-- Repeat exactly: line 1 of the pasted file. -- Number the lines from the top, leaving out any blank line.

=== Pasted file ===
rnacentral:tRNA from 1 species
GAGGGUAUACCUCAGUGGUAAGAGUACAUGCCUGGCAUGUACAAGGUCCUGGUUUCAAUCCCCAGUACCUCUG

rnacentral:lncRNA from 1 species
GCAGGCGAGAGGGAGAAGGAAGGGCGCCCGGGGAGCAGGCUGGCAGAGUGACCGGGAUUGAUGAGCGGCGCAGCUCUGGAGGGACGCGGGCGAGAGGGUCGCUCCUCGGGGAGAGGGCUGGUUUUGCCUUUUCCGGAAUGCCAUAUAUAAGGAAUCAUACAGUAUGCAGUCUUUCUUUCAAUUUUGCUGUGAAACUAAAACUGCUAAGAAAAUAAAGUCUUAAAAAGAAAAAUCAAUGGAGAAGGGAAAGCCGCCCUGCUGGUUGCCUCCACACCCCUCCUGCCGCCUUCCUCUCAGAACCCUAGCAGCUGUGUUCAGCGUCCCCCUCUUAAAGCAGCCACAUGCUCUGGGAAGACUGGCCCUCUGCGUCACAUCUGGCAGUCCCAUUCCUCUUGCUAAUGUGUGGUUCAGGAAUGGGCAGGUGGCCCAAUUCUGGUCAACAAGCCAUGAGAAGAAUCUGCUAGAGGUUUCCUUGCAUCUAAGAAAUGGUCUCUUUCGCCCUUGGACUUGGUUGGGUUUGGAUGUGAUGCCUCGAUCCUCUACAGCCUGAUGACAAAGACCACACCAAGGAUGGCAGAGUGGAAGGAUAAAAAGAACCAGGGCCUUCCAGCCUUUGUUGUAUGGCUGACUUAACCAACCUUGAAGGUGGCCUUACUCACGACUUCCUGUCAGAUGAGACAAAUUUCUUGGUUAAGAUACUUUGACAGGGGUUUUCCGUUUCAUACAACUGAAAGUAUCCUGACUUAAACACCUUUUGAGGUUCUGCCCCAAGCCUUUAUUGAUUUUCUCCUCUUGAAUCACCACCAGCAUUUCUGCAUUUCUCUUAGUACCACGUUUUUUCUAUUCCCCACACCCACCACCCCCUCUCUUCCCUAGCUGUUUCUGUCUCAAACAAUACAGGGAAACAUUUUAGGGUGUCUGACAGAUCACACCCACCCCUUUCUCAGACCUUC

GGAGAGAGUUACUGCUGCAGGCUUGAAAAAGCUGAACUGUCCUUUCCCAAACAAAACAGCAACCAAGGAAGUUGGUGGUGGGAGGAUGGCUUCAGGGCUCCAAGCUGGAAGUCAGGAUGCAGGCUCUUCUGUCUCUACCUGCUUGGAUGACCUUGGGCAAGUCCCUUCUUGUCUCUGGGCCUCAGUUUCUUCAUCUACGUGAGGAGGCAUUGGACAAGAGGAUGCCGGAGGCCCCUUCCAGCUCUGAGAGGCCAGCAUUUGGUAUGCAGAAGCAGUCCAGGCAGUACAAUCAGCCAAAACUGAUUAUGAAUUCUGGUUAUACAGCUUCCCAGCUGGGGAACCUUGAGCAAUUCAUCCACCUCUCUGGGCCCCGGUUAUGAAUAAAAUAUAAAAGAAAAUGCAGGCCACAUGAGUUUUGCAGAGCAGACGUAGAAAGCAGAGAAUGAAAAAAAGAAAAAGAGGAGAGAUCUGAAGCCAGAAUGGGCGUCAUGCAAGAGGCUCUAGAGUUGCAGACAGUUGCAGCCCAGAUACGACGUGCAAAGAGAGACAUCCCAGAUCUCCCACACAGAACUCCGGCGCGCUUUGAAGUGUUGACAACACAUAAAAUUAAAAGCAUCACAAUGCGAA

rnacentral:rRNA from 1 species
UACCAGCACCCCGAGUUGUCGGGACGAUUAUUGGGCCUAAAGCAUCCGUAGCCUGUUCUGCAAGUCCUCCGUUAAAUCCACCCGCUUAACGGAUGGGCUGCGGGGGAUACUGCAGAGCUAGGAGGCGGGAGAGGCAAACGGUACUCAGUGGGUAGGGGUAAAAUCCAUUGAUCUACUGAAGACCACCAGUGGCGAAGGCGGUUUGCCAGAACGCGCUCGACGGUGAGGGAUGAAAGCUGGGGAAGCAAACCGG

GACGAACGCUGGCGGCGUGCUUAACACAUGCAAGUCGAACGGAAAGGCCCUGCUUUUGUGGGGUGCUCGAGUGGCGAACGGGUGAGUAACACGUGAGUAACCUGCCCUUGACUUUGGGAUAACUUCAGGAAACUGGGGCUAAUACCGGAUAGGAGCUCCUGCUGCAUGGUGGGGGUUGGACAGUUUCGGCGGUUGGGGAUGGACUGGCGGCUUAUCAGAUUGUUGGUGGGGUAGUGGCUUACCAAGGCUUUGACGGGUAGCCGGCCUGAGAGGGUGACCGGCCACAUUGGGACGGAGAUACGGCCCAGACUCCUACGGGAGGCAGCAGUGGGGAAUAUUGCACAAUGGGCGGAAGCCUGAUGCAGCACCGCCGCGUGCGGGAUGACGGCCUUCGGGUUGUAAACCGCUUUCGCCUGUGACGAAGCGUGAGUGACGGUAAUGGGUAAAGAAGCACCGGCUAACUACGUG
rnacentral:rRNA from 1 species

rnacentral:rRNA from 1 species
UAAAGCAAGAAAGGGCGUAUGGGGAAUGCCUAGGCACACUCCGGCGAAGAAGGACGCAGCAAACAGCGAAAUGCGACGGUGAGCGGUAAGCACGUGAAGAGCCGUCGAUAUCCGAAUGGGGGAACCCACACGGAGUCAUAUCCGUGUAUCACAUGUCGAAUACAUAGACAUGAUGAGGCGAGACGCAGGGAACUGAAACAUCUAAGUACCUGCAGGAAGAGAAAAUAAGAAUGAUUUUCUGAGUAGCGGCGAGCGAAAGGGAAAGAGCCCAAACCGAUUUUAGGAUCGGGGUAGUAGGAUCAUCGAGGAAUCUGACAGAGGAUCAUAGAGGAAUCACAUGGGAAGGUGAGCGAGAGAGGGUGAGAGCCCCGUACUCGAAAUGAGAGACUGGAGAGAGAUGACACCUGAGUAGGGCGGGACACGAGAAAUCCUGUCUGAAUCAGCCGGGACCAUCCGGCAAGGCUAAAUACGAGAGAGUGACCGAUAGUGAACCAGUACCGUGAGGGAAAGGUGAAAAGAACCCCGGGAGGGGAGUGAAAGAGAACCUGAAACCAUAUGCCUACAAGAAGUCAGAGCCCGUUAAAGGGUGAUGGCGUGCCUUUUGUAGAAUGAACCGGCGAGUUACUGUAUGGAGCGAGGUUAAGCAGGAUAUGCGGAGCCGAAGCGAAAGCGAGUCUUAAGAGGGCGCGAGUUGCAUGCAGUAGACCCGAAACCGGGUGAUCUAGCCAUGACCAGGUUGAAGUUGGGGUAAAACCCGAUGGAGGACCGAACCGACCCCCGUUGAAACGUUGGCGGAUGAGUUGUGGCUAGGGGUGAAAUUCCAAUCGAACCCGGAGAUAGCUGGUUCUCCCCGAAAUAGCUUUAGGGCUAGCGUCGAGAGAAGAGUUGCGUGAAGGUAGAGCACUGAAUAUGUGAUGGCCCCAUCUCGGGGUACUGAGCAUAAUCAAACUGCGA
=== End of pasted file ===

rnacentral:tRNA from 1 species